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Canada’s gay asylum seekers are still asked insulting questions

Canada’s gay asylum seekers are still asked insulting questions

Maurice Tomlinson (right) and friends giving evidence to parliament about asylum.

I am a gay immigrant to Canada who fled here from Jamaica. And today I sit my Canadian citizenship test here in Ottawa.

I lead the Canadian HIV/AIDS Legal Network’s LGBTQI initiatives. And it’s fair to say I am privileged compared to many other LGBTI immigrants and refugees to this country.

400 million LGBTI people face criminal imprisonment

As a gay Jamaican, the path to this momentous day was possible because of my Canadian marriage to my husband, Tom.

It’s true our marriage led to multiple people threatening to kill me upon my return to Jamaica, forcing me to flee to Canada. But on the other hand, I did not have to endure the challenges of an Immigration and Refugee Board (IRB) hearing. For so many already traumatized individuals, these hearings are dehumanizing and unjust.

Approximately 400 million LGBTI people live under the threat of criminal imprisonment, violence or even death. That is why thousands of them apply to Canada’s IRB for refuge each year.

All of them are trying to escape persecution in their home country simply because of their sexual orientation, gender identity or gender expression.

On Tuesday (27 March) I gave evidence to a committee in Canada’s House of Commons looking at the way the Immigration and Refugee Board is appointed and trained, as well as it’s complaint process.

I told them the IRB has made strides to improve the cultural sensitivity of its members. But it needs to do more to enhance their cultural competence.

LGBTI claimants report the IRB still demands excessive evidence of self-identification.

Immigration officials asked to see his phone to check he was using gay apps

For example, in one case the board spontaneously asked to examine a claimant’s cell phone. They wanted to see if he had been chatting to other gay people on hook-up apps.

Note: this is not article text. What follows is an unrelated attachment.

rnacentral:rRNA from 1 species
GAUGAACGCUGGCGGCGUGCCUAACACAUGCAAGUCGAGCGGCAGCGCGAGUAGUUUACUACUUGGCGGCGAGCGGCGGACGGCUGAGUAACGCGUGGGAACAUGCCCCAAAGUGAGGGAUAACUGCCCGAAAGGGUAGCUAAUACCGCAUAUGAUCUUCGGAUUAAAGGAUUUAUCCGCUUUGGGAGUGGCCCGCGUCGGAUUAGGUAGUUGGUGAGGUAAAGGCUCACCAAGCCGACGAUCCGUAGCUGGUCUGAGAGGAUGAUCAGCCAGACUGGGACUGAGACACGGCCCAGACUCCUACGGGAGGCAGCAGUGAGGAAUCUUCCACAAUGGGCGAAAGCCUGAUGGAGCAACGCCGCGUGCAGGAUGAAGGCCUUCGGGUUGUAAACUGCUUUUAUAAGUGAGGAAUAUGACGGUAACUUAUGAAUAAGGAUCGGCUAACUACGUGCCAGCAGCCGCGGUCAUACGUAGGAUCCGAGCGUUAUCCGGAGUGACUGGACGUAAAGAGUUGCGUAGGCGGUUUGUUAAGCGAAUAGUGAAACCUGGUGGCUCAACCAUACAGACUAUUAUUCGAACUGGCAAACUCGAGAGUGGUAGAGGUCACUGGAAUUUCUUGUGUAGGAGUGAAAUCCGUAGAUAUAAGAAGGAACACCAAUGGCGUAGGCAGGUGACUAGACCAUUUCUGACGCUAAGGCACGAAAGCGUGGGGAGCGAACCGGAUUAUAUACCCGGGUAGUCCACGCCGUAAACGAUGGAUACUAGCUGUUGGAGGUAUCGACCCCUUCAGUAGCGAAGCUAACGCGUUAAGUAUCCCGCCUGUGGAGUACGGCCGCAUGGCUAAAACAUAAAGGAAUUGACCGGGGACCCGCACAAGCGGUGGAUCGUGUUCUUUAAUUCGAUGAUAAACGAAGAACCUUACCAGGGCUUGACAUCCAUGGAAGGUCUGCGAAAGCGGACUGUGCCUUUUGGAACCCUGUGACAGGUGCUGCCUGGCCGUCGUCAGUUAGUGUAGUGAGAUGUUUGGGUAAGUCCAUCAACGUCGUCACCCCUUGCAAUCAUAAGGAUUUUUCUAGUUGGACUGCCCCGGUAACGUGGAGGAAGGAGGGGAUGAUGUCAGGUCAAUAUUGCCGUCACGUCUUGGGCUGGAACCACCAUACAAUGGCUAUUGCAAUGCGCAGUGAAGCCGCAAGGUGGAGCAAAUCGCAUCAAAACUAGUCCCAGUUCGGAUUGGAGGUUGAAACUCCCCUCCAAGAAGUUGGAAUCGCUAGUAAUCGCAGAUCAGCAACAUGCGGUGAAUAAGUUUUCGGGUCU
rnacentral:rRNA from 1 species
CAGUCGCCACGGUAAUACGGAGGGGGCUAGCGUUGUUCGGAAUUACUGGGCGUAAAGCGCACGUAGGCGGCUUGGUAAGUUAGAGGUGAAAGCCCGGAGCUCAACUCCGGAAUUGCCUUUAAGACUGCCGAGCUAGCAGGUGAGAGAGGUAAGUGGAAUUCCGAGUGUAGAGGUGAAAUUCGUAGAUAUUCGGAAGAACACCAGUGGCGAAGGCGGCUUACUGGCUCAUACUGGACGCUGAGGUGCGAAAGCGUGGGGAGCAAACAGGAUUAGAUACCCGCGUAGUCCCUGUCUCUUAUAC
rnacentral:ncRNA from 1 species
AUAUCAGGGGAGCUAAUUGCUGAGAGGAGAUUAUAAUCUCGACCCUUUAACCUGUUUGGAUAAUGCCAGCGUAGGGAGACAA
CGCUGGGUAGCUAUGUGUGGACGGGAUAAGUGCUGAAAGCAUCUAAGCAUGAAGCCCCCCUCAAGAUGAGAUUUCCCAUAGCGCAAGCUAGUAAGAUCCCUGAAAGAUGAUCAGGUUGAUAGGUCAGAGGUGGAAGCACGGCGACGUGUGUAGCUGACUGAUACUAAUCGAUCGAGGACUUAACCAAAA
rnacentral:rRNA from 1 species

In another case, board members said the fact a claimant had posted pictures on social media with the opposite sex, meant they weren’t gay.

Of course, these experiences are both humiliating and wrong-headed.

In countries that still criminalize LGBTI sexualities and gender expression, it is often too risky to self-identify. So for many, having an opposite-sex partner is often a ‘mask’ or even a perceived ‘cure’ for homosexuality.

In yet other cases, IRB members have also demanded refugees give them police records as proof of homophobic attacks.

However, LGBTI people in many countries distrust the police. When they do report homophobic attacks, police sometimes use the evidence to punish them for illegal same-sex activity. So often, in the very worst cases, they can’t report attacks and they have no police report to show.

‘If you say you are gay, you get to stay’ is an asylum myth

Many Canadians appear to have the unfounded belief that claiming you are LGBTI is the easiest way to get asylum. Therefore, they assume migrants must be abusing the system. Quite simply they think: ‘If you say you are gay, you get to stay’.

However, to date the IRB has only found 3% of LGBTI refugee claims to lack credibility, so this is hardly an epidemic of abuse.

Asylum in Canada is quite simply a lifeline for people like me. And we should ask that IRB officers have the skills and knowledge to assess our cases fairly.

To improve their cultural competency around LGBTI refugee claimants, we recommend:

  • IRB members should undertake multiple days of LGBTI sensitivity training. This should include them meeting refugees from our community and learning about their personal experiences.
  • The IRB should have a meaningful dialogue with agencies and lawyers serving LGBTI refugees, to establish clearer guidelines and expectations.
  • And claimants and their counsel should have the chance to provide post-hearing feedback. This will help IRB members to improve their questioning without asylum seekers fearing it will hurt their applications.

Canada likes to tout our human rights track record. But we cannot justify doing that at the same time we compound the worldwide discrimination against LGBTQI people.

The time is now for meaningful IRB reflection and reform.

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